Earlier this week we wrote about the natural gas revolution that looks to transform global energy economics and politics over the next few decades. One of the areas that will be affected is transportation as automobile companies produce compressed natural gas vehicles (CNG) or flex or hybrid vehicles that combine natural gas with gasoline or electricity.  These changes are certain to alter North American driving habits given the huge shale gas finds in Canada, the United States and Mexico.

Currently natural gas in North America is priced up to $1.50 to $2.50 per gallon lower than diesel or gasoline (depending upon local markets). Hence, it reduces costs significantly for vehicle and fleet owners.  It costs approximately $12,000 to $20,000 to convert a large truck to natural gas which, at current CNG prices, makes for about a two to three year payback period.

These developments led us to add a specific weekly posting on the natural gas transportation market rather than cover it under our electric vehicle report.  So welcome to our first post of Natural Gas Vehicle News.

TheTrucker says that Clean Energy Fuels Corp. plans to build 150 liquid natural gas (LNG) fueling stations for America’s Natural Gas Highway by 2013. The company anticipates having 70 stations open by the end of 2012 in 33 states. Many of the fueling stations will be located at Pilot-Flying J Travel Centers  Pilot-Flying J is the largest truck-stop operator in the US with more than 550 retail properties in 47 states. The stations coincide with the expected arrival of new natural gas truck engines well suited for heavy-duty trucking.

Waste Management has decided to convert its entire trucking fleet to natural gas reports The Petrolia Topic. The company operates 21,000 trucks across North America picking up curbside residential and commercial waste and recycled materials. Currently it has 1400 running on CNG and 22oo on biodiesel. For each truck converted to CNG, the use of diesel fuel is reduced by an average of 8,000 gallons per year. Waste Management operates 17 CNG fuelling stations in North America with plans to have nearly 50 operational by the end of 2012.

The Dominican Republic is looking at more natural gas vehicles on its roads, reports Dominican Today. Currently there are 4000 natural gas vehicles in the Caribbean country but this could skyrocket to 100,000 in the next 5 years.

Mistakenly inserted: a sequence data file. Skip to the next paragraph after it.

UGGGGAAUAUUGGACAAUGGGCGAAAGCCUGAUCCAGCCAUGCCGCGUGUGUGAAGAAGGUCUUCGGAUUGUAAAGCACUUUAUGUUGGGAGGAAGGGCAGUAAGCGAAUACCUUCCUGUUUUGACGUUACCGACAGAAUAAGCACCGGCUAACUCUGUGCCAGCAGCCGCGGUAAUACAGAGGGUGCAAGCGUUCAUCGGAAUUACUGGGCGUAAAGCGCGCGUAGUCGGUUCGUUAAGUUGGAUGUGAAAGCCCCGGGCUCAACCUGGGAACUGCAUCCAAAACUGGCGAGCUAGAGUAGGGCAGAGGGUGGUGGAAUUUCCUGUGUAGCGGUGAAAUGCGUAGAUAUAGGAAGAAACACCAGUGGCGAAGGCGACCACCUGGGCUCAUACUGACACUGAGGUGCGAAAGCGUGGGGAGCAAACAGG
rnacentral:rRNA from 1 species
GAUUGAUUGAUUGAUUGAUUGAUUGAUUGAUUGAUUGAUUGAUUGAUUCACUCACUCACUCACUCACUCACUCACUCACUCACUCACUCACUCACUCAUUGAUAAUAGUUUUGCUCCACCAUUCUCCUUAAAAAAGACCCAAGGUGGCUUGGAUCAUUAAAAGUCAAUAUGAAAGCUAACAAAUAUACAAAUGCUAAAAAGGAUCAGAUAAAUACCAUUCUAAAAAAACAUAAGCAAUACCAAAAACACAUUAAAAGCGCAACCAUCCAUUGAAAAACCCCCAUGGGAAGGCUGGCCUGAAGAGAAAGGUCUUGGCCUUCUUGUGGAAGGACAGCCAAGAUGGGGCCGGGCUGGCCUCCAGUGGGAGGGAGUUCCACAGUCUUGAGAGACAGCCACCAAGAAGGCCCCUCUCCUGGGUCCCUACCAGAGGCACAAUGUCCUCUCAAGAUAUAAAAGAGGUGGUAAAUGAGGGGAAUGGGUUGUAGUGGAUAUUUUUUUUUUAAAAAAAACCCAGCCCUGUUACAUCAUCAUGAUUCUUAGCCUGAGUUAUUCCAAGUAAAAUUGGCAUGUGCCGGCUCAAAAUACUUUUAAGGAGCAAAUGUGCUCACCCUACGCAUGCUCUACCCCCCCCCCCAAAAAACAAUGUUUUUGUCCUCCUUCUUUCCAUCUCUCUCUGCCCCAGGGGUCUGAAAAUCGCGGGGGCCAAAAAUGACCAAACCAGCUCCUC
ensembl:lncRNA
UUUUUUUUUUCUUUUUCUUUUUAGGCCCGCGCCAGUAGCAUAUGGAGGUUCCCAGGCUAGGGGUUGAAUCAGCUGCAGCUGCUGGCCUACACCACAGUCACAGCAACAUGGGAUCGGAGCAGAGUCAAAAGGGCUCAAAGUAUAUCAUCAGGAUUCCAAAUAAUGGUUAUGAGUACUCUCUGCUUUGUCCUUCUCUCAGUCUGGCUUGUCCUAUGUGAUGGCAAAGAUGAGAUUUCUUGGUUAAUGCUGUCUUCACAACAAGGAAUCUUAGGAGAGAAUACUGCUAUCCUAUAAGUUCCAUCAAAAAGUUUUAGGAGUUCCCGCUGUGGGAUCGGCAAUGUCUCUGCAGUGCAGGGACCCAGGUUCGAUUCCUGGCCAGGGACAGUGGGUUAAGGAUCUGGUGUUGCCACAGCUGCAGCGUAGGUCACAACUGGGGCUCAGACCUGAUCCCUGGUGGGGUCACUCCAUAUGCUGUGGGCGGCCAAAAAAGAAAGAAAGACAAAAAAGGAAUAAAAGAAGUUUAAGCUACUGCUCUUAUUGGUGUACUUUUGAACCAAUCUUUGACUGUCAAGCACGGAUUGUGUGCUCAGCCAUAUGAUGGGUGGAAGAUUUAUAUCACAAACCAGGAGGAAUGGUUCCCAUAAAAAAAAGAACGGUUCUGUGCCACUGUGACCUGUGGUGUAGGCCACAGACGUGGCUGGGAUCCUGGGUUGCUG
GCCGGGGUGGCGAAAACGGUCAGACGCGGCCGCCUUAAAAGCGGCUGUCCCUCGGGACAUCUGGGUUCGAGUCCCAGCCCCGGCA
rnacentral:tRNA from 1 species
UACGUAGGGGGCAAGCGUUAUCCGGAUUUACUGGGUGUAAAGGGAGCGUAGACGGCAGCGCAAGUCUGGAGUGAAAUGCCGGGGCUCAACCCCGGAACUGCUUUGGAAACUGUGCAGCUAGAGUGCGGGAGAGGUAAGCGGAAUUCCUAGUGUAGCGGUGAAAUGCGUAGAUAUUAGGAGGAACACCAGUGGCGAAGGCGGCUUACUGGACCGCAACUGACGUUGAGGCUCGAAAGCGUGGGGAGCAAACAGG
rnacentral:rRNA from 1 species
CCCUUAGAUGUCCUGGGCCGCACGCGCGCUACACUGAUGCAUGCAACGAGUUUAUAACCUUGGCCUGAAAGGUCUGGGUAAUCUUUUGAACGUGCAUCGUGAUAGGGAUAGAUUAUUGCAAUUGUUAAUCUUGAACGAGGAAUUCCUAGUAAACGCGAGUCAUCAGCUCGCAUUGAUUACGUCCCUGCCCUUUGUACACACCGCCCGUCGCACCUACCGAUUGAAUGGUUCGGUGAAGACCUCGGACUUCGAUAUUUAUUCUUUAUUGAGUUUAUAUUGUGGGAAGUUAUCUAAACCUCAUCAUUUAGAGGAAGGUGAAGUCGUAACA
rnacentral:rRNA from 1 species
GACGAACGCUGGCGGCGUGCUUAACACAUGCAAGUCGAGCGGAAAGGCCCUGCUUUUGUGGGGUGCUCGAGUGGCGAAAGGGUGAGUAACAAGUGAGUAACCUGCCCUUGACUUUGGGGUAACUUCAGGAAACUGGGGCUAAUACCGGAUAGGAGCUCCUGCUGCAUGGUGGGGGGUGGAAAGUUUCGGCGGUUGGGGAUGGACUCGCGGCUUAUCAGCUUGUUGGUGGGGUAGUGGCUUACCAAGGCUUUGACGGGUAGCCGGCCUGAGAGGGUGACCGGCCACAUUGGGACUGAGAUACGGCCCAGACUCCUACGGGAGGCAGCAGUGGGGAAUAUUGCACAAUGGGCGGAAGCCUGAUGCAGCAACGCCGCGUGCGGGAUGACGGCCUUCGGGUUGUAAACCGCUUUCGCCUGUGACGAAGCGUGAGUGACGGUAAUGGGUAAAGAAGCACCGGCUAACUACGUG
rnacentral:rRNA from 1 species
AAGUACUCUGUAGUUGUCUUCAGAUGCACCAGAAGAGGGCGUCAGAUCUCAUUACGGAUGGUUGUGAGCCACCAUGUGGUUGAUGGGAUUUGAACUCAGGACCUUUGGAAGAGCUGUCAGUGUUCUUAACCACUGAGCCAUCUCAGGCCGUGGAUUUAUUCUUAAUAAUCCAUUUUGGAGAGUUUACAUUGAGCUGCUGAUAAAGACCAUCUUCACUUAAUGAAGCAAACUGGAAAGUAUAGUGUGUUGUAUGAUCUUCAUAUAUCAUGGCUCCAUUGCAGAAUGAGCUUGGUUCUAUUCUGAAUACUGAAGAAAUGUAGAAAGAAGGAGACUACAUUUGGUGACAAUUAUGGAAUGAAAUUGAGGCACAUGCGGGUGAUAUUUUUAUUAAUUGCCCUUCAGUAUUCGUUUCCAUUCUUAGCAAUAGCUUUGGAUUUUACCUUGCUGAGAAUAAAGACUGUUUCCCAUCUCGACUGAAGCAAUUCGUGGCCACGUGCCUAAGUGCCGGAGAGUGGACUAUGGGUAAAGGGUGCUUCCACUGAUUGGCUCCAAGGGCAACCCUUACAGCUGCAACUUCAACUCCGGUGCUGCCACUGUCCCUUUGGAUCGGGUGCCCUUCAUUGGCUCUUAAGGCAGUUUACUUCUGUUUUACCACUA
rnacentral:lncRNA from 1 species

MSN wonders if natural gas will fuel more than just truck fleets in the United States. The author sees the lack of fueling stations and the size of the gas tank as a potential barrier to car owner interests.

The Boston Globe says eight US states are pushing auto manufacturers to develop affordable natural gas vehicles. Colorado, Oklahoma Pennsylvania, Wyoming, Maine, Utah, New Mexico and West Virginia want to replace vehicles in their state fleets with ones that run on natural gas. The idea is to drive demand for natural gas vehicles and fueling stations.

The US state of Texas is making grants available for natural gas fueling stations we learn from the Star-Telegram. $4.5 million in grants is available to create a natural gas infrastructure in the state to promote the fuel. Maximum grant amounts are $100,000 for a compressed natural gas project; $250,000 for a liquefied natural gas project; and $400,000 for a combined project.  Last year a natural gas station opened at Dallas-Fort Worth airport that serves the general public as well as taxi fleets and shuttle vehicles. Texas is the nation’s leading natural gas producer with some 40 fueling stations operating in the state.

The Wisconsin Rapids Tribune says that there will be a compressed natural gas station in central Wisconsin later this year. Following discussions among a gas station owner, truck fleet owners, and a firm that converts vehicles to natural gas, the decision has been make to locate CNG pumps at an existing truck stop.

citizensvoice mentions that Plains Township in the US state of Pennsylvania has acquired its first natural gas recycling truck powered by local shale gas. With diesel at $4.00 per gallon and natural gas selling at $1.50 per gallon, the truck will save taxpayers $8000 a year on fuel costs. Other communities in the area have also indicated their intention to purchase natural gas trucks and build natural gas filling stations.








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1 Comment on Natural Gas Vehicle News

  1. inabs says: